13 June 2005

Difficult Music Meme

(via Yorkshire Soul, by way of Eat Your Carrots and Boblog.)

Top 5 lyrics that move your heart:

I Am The Cosmos by Chris Bell;
Coming Right Along by the Posies;
Rainy Night In Soho by the Pogues;
In The Wee Small Hours by Frank Sinatra;
We Will Fall by the Stooges.

Top 5 instrumentals:

The Liquidator by the Harry J. All Stars;
Warrior Charge by Aswad;
Goodbye Pork Pie Hat by Charles Mingus;
Peaches en Regalia by Frank Zappa;
Voodoo Ray by A Guy Called Gerald.

Top 5 live musical experiences

The Jam at Leisureland, 1978;
U2 at the Claddagh Hall, 1979 (pity about the whole drum thing);
The Specials and The Beat, co-headlining at Leisureland, 1980;
Dexy's Midnight Runners, Seapoint Ballroom, 1980;
Clannad, the Peadar O'Donnell school, Arranmore, 1975.

Top 5 artists you think more people should listen to:

Arthur Lee;
Chad Dughi;
the band Lucas;
Mark E. Smith;
Ruth Dillon.
(Ruth's new CD is coming out soon, plug plug, and I know because I was playing with her last night, smarm smarm.)

Top 5 albums you must hear from start to finish:

The Lamb Lies Down On Broadway by Genesis;
London Calling by The Clash;
Forever Changes by Love;
Happy / Sad by Tim Buckley;
Sgt. Pepper's Lonely Hearts Club Band by the Beatles.

Top 5 musical heroes

JohnPaul GeorgeRingo (okay, I'm cheating :-P);
Alex Chilton;
Miles Davis;
Jeff Beck;
Bob Dylan.

Top 5 intros:
  1. The twiddly classical guitar bit at the beginning of Roundabout by Yes;
  2. The bit of tape grot, studio mumbling and the sudden "one-two-three-four that prefaces Taxman by the Beatles;
  3. The organ lick that opens Them's cover of It's All Over Now, Baby Blue (see below);
  4. The guitar lick that starts off What Difference Does It Make by the Smiths (they were supposed to be indie boys, so why did it sound suspiciously like Status Quo?);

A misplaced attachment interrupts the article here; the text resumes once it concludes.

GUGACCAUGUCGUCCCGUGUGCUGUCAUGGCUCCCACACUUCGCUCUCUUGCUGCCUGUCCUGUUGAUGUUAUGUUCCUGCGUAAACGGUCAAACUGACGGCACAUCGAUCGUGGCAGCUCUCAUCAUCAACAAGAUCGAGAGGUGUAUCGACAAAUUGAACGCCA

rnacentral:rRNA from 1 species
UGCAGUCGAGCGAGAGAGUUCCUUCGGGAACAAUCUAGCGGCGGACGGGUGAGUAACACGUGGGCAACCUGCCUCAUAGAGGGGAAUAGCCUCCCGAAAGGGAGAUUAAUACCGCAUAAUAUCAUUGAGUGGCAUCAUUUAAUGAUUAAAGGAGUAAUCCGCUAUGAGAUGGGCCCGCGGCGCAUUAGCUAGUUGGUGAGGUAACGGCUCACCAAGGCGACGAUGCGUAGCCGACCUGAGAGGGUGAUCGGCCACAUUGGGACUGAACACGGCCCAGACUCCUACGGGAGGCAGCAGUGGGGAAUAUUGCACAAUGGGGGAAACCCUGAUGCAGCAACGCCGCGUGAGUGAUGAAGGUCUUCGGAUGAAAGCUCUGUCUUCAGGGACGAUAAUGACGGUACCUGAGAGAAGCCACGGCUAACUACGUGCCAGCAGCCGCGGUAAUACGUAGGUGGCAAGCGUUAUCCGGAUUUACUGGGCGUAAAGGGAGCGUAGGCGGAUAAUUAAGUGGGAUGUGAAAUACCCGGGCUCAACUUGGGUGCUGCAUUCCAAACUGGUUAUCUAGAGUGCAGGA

5. The one that goes: "You ain't nothing but a...".
Top 5 songs that take you right back

Hotel California by the Eagles, and not for a good reason. I was working in a pool hall - stroke - amusement arcade in the summer of 1977, and this tune was on the jukebox. It's not a bad number by any means, deftly written, nice chord progressions, smart guitar playing. Even though I was supposed to be a punk rock fan at the time, I liked it well enough. It's just that I still haven't heard back from NASA about the exact number of times I actually heard Hotel California played that summer. Whatever the exact amount, the song etched itself permanently into the grooves of my brain, FOREVER. To this day, even though I like the Eagles, even though I like the song, I still groan and gnash my (remaining) teeth whenever it comes on.

The Liquidator by the Harry J. All Stars (see above under favourite instrumentals). Probably not very well known, but it's a bright, breezy, sunny, skipping ska/bluebeat organ instrumental that always brings a smile to the facial area. A few summers after the above, when I worked in another amusement arcade, my brother Pat would come in in his rude boy gear - pork pie hat, three-button jacket - and play this tune on the jukebox a couple of times, doing the nutty dance. Remembering Pat brings an even bigger smile to my face.

Yellow Submarine by the Beatles. Not their most heavyweight musical achievement, no. But when I was a young lad I'd have to stop eating breakfast and listen to this when it came on the radio, while my cornflakes went soggy.

Why Was It So Easy? by Darryl Hall. Love you always, Coogers.

I'm Not In Love by 10cc. What can one possibly say? Teenage parties. Beautiful French girls. Perfume. Big boys don't cry.

Top 5 Cover Versions:
  1. The Jeff Beck group having a soulful canter through Bob Dylan's Tonight I'll Be Staying Here With You;
  2. Lis Frazer and This Mortal Coil sprinkling fairy dust on the already classic Song To The Siren by Tim Buckley;
  3. The Posies coming as close as any mortals could ever possibly get to the heartbroken grandeur of Chris Bell's I Am The Cosmos;
  4. Van Morrison and Them snarling and snapping their way through It's All Over Now, Baby Blue by a Minnesota song-and-dance man I believe I've mentioned several times already;
  5. Tim Buckley transcending the boundaries of the space-time continuum interpreting Fred Neil's Dolphins.

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